Black History Month: Dr. Percy Julian
Dr. Percy Julian was an African-American who obtained his BS in Chemistry from DePauw University in 1920. Although he entered DePauw as a “substandard freshman,” he graduated as the class valedictorian with Phi Beta Kappa honors. His first job was as an instructor at Fisk University. Julian left Fisk and obtained a master’s degree in chemistry from Harvard in 1928, and his PhD in 1931 from the University of Vienna, Austria. It was after his return to DePauw in 1933 that Julian conducted the research that led to the synthesis of physostigmine, a drug used in the treatment of glaucoma. Julian left DePauw in 1936 to become director of research of the Soya Products Division of the Glidden Company in Chicago. This position at Glidden made Julian the world’s first African – American to lead a research group in a major corporation. Dr. Julian rewarded Gliden’s faith in him by producing many new commercial products from soy beans.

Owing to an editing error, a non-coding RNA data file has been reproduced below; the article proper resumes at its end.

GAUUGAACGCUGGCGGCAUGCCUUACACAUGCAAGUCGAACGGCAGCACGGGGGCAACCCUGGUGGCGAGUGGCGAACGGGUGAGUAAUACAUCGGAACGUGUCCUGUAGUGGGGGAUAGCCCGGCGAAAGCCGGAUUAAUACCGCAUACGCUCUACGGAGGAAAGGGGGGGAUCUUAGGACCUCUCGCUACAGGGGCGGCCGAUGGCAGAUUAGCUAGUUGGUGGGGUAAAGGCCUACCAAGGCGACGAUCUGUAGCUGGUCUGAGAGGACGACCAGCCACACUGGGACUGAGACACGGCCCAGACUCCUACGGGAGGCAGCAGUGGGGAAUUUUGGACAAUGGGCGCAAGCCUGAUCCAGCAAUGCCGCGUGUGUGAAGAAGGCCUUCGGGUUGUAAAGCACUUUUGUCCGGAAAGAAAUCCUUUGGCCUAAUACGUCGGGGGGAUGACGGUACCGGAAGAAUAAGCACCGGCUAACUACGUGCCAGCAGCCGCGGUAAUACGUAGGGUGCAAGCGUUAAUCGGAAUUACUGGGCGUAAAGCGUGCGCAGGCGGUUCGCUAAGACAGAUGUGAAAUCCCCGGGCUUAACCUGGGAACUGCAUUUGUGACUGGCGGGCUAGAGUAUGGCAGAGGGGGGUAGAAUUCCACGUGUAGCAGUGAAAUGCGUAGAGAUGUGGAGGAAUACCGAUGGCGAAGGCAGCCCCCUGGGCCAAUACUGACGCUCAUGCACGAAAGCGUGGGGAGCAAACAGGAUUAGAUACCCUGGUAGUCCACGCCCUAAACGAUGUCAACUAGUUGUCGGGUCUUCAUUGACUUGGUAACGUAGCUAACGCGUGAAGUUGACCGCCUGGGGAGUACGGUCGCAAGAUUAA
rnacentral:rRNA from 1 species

An entrepreneur as well as a scientist, in 1953 he founded Julian Laboratories and later Julian Associates, Inc. and the Julian Research Institute. Over the course of his career he acquired over 115 patents, including one for a fire-extinguishing foam that was used on oil and gasoline fires during World War II. Though he had over 100 patents and 200 scientific publications, his most notable contribution was in the synthesis of steroids from soy and sweet potato products. Dr. Julian’s life and contributions were the subject of a recent biopic by NOVA/PBS entitled, “Forgotten Genius.” The film was broadcast nationally on February 6, 2007 on PBS TV stations.
Submitted by: Garry Brown, Jr. PhD.
Source attribution: http://www.nobcche.org